8. Pretty funny, Debra, as long as it doesn’t happen to us! I imagine with the heat and drought expected, there will be more close encounters with wildlife. Did I read on another comment that there are also wildcats? I think that would frighten me more than the bears. I’m looking forward to more stories about all the natural inhabitants of your lovely southern California.

    1. Yes, Penny, there are mountain lions in those hills, and occasionally joggers and hikers who get too far off the paths have had very dangerous encounters. And then, on occasion, they come out of the foothills and into neighborhoods. It’s rare, but it has happened. And I’m with you–much more afraid of the wildcats. Today’s news included a story of a coyote grabbing a dog being walked on a leash by a family! It’s just entirely too early for these animals to be so hungry and thirsty. I enjoy sharing with you, Penny! Thank you!

  9. Three digit heat in MAY, Debra? That doesn’t bode well for the summer. 😦

    Since the only bears I’ve ever seen in the flesh have been in zoos, I love your wildlife stories and videos.

    1. I’m so glad you find the wildlife stories interesting, Perpetua, because I have to admit I’m really fascinated myself. I am intrigued with the way people keep moving their homes further and further up into “the wild” and then are shocked at animal encounters. I suspect there will be many stories this summer. Our heat has backed off a little bit from where it was last week. It’s hard to get dressed in the morning…I never know what’s coming. 🙂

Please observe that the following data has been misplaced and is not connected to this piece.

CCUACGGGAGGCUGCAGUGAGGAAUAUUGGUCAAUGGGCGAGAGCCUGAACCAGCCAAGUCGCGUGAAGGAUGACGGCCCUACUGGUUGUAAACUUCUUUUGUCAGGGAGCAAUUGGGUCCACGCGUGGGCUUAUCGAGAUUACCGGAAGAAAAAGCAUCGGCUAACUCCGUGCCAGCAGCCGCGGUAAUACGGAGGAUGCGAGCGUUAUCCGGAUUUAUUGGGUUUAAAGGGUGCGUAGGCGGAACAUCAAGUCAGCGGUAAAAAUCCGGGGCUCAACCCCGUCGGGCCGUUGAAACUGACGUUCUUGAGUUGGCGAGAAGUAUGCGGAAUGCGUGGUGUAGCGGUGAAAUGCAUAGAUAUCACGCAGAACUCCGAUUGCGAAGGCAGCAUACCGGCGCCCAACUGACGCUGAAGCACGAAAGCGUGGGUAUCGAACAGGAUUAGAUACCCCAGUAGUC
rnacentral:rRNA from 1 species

10. Another great post, Debra. I actually was suppose to do a master study on bears – in a previous life it must have been. It was on the Norther European brown bear, though. Somehow I took a detour in life and ended up doing something completely different than biology. But I certainly like bears as you may guess. I have actually seen the black bear a couple of times further north in Washington.

    1. I can’t tell you how curious I am about how you transitioned from a master study on the Northern European brown bear to other tracks in life! I am sure it’s been a very interesting journey. I didn’t realize until very recently that there are so many places where bears no longer live, and I think the more I learn about that fact the more I would like to do an informal study myself! This week we’ve had two more local bears come down out of the mountains, and one came into a family’s home and was having a great time in the kitchen! 🙂

  11. I really enjoy stories about wildlife, so I’m going to add this to my list of favorites. Black bears and other critters give the term “urban wildlife” a whole new meaning. Thank you for liking my post!

    1. I’m so glad you enjoyed the “bear at the pool party” story! This week there was a story of a local bear helping himself to someone’s breakfast IN THE HOUSE! The poor homeowner was trapped in the bathroom with the 9-1-1- operator. The bear was just hungry. 🙂 No one was harmed. That’s a whole up-close-and-personal I’m fine with avoiding. 🙂